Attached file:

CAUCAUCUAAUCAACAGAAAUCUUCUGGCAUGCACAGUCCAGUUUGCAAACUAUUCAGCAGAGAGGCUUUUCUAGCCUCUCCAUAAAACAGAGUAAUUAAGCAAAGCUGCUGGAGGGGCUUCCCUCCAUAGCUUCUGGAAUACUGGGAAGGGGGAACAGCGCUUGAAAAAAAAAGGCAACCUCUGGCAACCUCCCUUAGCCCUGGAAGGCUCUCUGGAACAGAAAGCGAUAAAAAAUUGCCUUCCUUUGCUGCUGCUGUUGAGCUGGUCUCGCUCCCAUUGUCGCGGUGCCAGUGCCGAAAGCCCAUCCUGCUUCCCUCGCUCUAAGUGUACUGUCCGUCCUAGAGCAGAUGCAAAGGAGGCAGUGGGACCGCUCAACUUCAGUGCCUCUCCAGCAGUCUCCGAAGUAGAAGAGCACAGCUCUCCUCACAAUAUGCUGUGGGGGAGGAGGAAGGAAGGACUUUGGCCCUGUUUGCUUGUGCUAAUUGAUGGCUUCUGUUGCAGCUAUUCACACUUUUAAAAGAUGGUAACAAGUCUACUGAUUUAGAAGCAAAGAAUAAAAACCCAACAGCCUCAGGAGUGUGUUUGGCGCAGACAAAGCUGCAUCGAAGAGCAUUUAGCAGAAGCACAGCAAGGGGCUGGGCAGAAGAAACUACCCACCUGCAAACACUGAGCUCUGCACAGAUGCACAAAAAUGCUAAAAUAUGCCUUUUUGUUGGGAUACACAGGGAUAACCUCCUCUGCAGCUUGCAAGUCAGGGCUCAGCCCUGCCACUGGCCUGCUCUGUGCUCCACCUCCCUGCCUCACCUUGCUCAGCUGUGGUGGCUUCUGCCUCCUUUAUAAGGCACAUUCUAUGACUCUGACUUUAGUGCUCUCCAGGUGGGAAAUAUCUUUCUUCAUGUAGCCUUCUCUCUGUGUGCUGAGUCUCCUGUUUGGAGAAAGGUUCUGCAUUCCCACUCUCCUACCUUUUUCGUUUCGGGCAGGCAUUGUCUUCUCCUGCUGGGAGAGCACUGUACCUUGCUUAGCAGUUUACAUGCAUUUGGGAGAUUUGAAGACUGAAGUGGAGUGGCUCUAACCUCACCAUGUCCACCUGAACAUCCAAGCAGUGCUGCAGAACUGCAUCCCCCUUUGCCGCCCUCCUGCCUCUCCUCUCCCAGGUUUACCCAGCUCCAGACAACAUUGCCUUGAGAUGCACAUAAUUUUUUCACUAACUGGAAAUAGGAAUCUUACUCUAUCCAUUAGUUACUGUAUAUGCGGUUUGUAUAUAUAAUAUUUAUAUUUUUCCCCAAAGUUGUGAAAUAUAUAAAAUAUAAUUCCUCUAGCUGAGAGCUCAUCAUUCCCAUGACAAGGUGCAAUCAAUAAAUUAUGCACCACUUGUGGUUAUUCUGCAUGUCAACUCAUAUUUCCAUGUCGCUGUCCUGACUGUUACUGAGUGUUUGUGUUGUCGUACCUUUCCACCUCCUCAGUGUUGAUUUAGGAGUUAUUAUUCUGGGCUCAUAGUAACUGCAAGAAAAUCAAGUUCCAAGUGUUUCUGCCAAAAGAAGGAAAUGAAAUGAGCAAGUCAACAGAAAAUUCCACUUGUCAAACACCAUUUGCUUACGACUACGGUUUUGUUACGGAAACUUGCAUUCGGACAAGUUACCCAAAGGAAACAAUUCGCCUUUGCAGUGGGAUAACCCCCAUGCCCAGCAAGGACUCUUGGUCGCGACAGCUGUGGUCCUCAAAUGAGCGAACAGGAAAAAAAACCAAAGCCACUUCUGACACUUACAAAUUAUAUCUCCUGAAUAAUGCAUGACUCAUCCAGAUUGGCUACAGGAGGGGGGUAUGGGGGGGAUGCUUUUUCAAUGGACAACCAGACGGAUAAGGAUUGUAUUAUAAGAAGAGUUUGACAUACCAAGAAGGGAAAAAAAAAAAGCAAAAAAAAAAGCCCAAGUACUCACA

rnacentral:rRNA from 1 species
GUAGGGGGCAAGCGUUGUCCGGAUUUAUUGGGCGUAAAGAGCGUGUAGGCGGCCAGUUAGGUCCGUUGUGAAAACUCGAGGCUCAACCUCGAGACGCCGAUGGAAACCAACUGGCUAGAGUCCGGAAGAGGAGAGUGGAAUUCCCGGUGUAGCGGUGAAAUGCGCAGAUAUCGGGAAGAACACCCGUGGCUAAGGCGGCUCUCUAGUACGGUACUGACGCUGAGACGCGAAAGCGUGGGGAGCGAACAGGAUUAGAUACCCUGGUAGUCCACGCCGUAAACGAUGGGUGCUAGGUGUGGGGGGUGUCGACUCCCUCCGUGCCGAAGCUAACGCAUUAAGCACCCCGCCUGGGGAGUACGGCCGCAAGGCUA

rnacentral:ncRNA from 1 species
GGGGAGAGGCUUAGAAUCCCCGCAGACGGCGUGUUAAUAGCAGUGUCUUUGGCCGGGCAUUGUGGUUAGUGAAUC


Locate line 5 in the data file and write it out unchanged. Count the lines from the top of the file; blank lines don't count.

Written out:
GGGGAGAGGCUUAGAAUCCCCGCAGACGGCGUGUUAAUAGCAGUGUCUUUGGCCGGGCAUUGUGGUUAGUGAAUC